Marussia looks to gather pace in F1

Marussia has set out to improve car reliability this season as it looks to match 2013's 10th place finish. Image courtesy of Marussia F1.

James Pozzi recently toured Marussia F1's Banbury facility, the nerve centre of the team's plans to climb the fiercely competitive grid.

Marussia F1 is a team proving life can be tough at the top. Despite utilising readily available technology such as CFD tools and ERP to bridge the competitive gap, it remains the smallest team on the grid and its investments are often met with meagre returns.

But despite working within such modest means, Marussia continues to think big. On a recent visit to its site in the Oxfordshire town of Banbury, I was given an illustration of this.

The facility has all the hallmarks of the sophisticated F1 HQ, albeit on a much smaller scale. While the site holds its modelling shop, R&D centre and destructive and non-destructive testing facilities, around 95% of its car is assembled through sub-contractors. Most notably Ferrari supplies its engines, while essentials such as wind tunnel testing are carried out at McLaren’s Woking site.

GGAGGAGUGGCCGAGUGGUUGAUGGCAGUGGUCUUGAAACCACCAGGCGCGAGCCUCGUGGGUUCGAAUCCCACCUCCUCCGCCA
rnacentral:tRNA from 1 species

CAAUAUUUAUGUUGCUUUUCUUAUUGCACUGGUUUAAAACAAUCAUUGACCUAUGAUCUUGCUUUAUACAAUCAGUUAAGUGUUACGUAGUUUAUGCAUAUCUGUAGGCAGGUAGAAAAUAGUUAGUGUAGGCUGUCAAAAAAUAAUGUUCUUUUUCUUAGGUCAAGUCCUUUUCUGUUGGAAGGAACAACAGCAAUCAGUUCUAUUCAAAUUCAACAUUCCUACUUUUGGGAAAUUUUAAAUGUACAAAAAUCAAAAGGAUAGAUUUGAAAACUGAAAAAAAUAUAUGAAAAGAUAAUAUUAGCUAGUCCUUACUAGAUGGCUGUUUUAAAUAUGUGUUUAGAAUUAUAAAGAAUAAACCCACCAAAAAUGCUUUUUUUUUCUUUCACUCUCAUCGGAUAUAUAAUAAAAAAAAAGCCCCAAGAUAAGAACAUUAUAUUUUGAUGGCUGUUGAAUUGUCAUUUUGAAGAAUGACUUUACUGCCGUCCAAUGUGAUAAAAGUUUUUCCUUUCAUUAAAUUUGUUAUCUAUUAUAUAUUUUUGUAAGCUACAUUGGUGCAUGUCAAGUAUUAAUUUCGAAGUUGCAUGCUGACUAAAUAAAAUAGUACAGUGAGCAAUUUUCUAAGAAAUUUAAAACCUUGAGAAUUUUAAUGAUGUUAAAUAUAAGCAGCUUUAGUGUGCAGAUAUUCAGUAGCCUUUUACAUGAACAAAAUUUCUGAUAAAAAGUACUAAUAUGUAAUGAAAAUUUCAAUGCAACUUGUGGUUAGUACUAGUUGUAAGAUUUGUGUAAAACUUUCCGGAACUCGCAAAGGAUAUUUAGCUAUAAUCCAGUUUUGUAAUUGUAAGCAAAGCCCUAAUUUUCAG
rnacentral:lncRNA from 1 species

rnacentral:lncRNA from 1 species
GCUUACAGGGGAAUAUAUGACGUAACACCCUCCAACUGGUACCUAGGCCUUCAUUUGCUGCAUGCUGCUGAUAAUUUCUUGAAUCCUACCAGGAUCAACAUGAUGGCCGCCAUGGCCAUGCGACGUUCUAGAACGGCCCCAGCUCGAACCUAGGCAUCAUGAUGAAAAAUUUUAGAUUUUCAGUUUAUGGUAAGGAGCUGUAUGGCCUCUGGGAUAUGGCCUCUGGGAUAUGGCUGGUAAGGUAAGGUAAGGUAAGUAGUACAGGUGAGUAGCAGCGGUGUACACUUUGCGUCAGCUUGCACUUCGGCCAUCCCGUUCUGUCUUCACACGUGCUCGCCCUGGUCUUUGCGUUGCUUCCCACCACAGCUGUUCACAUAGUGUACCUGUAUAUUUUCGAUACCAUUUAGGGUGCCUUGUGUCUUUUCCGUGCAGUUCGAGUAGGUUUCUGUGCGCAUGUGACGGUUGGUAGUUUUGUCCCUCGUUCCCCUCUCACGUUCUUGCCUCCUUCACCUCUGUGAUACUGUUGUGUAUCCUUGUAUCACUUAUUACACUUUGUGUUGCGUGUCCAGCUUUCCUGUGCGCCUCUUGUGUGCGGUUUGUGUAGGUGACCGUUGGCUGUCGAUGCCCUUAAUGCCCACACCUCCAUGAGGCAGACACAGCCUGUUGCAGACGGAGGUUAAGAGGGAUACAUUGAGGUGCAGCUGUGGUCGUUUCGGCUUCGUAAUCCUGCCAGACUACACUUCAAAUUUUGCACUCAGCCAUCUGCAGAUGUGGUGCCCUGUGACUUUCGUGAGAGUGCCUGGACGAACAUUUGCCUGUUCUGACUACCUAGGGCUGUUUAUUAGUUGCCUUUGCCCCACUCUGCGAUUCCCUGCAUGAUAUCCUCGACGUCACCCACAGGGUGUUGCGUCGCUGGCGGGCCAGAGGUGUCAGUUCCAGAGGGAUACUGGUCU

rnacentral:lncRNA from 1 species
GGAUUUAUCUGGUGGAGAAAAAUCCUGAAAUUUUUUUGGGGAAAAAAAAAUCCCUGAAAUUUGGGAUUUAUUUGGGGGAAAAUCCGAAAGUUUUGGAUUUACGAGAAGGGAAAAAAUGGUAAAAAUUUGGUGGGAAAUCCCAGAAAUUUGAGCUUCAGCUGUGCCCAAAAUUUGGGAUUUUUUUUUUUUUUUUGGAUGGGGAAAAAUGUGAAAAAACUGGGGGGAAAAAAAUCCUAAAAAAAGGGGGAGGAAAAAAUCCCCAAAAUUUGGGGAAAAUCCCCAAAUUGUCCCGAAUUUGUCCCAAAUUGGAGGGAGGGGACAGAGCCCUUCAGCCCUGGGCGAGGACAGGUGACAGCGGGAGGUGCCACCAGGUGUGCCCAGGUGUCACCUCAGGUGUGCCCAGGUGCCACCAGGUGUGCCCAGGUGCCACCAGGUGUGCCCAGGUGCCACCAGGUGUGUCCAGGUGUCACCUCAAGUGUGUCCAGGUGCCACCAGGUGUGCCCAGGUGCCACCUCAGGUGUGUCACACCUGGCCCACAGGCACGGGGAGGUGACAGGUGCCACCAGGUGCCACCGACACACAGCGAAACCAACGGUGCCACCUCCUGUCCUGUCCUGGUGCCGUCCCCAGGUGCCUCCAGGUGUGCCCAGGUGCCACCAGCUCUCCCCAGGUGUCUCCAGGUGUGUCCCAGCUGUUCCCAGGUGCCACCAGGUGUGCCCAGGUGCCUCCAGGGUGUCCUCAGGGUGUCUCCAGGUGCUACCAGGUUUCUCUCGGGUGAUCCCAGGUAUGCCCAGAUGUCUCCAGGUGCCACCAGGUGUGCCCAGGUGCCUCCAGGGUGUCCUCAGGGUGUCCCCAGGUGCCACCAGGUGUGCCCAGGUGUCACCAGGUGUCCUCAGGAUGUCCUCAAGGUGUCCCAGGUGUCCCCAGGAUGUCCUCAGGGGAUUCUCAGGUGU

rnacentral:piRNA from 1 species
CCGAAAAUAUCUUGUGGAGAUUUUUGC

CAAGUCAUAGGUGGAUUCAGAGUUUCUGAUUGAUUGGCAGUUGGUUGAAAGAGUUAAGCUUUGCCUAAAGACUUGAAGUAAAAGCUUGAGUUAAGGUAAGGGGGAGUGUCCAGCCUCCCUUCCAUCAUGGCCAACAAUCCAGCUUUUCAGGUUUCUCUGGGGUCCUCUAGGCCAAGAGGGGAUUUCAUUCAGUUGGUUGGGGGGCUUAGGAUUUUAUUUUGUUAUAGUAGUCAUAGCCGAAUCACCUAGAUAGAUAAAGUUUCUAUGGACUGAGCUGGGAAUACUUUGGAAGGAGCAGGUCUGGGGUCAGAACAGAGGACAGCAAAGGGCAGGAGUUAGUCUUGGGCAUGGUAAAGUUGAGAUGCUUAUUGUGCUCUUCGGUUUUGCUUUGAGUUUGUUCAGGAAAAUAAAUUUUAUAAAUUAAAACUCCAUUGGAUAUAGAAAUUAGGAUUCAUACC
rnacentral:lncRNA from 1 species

Also factoring significantly into the Marussia operation is the 2014 regulation changes. Essential to doing this is focusing on areas such as composite materials, which make up 60 per cent of the car. This sees its on-site R&D team working to the millimetre on parts such as the wishbone suspension to ensure Marussia complies with the rules.

Despite the challenges, the lure of the sport and Marussia’s evidently close knit team ensures it manages to attract skills, with the team expanding from 70-200 employees in just three years. Last year saw the team finish tenth – it’s best ever standing – and sees them going into the new era of Formula 1 focused on increasing car reliability.

Kevin Lee, operations manager at the site, believes being based in Motorsport Valley aids the team’s competitive aspirations. “The biggest advantage of being based here is the access to the skilled workforce, and also the wide range of subcontractors around the region,” he said. “That support infrastructure basically allows us to race.”